Home-churches are formed. I met a lady one day and we were having a casual conversation. I asked where she attended church, and she replied that for the past five years her family was part of a home-church. I was very interested and asked a lot of questions. One question I asked was why this home-church was formed. She said the man who started it was tired of “falling through the cracks” at church. I'm not advocating anyone who is hurt start a home church; however, having experienced the same thing, I felt this man's pain as she shared this with me.
The Bible clearly outlines how we are to live and treat our fellow brothers and sisters. Paul wrote in Romans 12:2, “Don’t copy the behavior and customs of this world, but let God transform you into a new person by changing the way you think. Then you will learn to know God’s will for you, which is good and pleasing and perfect.”
Church cliques are of the world. We watch television and idolize celebrities even though we know nothing about them in real life. We do the same thing in church. People who dress well—a nice-looking couple, a “supermom,” the big businessman—we assume are worthy of our praise, so we place a higher value on them than the unassuming person who quietly walks into church looking for love. The Bible says, “People judge by outward appearance, but the Lord looks at the heart” (1 Samuel 16:7). It is disobedient for leaders or anyone who calls themselves followers of Christ to create an exclusive atmosphere in the church.
Churches That Click
In The Church Administration Handbook, Bruce Powers says; “The church is to be a community of persons who are wholeheartedly committed to doing what God wants to be accomplished on earth.” What God wants to accomplish on earth is souls being saved and the church partnering with him. God has no interest in a church that has morphed into a group of people with self-serving interest. Paul wrote in Philippians 2:3, “Don’t be selfish; don’t try to impress others. Be humble, thinking of others as better than yourselves.” God cares about every human being he creates. There's nothing wrong with healthy, godly friendship at church; however, there is nothing godly about groups that exclude others.
It's not our job as leaders to pick and choose who has value; it's our job to love. If we cannot demonstrate love, then we need to go back to the basics of Jesus, because Jesus is love.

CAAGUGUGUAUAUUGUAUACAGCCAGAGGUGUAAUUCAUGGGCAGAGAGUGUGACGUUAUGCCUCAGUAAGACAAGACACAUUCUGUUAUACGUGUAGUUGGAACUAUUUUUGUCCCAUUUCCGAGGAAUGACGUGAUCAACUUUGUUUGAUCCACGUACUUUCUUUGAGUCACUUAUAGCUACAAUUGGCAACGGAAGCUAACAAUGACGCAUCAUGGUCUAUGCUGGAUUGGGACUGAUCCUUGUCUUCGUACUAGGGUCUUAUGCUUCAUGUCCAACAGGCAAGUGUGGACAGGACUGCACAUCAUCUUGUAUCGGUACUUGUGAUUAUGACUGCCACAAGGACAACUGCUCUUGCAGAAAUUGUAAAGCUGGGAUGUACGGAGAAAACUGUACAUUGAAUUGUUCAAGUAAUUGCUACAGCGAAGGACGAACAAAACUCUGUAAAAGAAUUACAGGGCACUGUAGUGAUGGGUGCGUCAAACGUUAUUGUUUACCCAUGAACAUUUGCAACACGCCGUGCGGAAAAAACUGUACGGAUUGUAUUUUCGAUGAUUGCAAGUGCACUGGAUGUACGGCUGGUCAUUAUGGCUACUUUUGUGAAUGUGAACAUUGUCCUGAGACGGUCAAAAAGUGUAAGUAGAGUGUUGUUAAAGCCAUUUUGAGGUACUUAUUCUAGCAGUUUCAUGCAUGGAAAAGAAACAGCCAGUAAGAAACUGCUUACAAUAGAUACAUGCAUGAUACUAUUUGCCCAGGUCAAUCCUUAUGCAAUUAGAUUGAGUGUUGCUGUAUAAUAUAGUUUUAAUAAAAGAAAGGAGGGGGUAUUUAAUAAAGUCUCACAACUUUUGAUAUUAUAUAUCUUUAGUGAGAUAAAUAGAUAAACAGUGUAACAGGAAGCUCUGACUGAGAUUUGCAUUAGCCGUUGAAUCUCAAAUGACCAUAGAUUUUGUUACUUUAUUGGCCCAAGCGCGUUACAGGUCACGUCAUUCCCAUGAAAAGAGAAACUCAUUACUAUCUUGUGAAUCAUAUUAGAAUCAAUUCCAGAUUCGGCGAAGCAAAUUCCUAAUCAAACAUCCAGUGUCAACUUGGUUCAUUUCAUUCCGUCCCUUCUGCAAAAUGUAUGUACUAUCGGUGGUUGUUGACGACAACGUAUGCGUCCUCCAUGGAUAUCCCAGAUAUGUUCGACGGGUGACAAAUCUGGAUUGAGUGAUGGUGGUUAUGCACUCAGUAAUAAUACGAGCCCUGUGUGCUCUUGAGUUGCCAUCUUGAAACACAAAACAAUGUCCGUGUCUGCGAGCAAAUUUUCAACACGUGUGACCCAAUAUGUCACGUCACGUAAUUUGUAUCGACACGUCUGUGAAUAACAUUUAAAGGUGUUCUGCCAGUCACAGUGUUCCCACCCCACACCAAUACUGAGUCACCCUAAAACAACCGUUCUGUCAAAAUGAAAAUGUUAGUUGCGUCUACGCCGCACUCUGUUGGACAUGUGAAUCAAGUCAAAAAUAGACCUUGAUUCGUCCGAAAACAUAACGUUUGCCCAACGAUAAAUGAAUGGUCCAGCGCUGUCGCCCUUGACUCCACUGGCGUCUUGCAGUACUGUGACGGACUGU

We assume it's the other leader, the other pastor, or the other church doing all the wrong things, but if you're reading this, maybe directly or indirectly it’s intended for you. Even though I was excluded, I asked God to show me any time in ministry when I might have shunned someone and the Holy Spirit convicted me. I repented and asked God to forgive me. I try each day to be fully aware of how I might be perceived by others. My heart is to love all my brothers and sisters in Christ, and I pray daily for Jesus to help me never make anyone feel as if they don't matter—because we all matter to God. For all leaders in the church—pastors, executive pastors, women's ministry directors, laymen, ask the Holy Spirit to show you your true heart and intentions. Allow him to cleanse you. Let go of your pride and start fresh today. Ask God to heal you and allow his help in directing his church and ministries. Repent and make right anytime you showed favoritism to others.
If you were hurt in the church, pray for God to heal you. Healing may take a while, but continue to pray for wisdom. Also pray for the church and the people or leaders who hurt you. Their treatment of you was not a reflection of God's love for you. pray for them to get back in line with God's Word. Pray that God leads you to the right church, a church where you and your family will be valued. It might be hard to believe right now, but there is a church for you where God's love will be overpowering. You will be blessed and you'll bless others, and God's kingdom will grow. We live in a fallen world, but don't give up on God or his church. We are in the same fight together, and when we put our full strength in Jesus Christ, we win!
“I have fought the good fight, I have finished the race, I have kept the faith” (, NIV).
Saleama A. Ruvalcaba is a wife and a mother of five. She is a writer and a regular contributor for Gifted for Leadership. Her book Breakthrough: Your Doorway to a New Destiny was released in May 2014. She writes leadership resources on her blog at salruv7.com.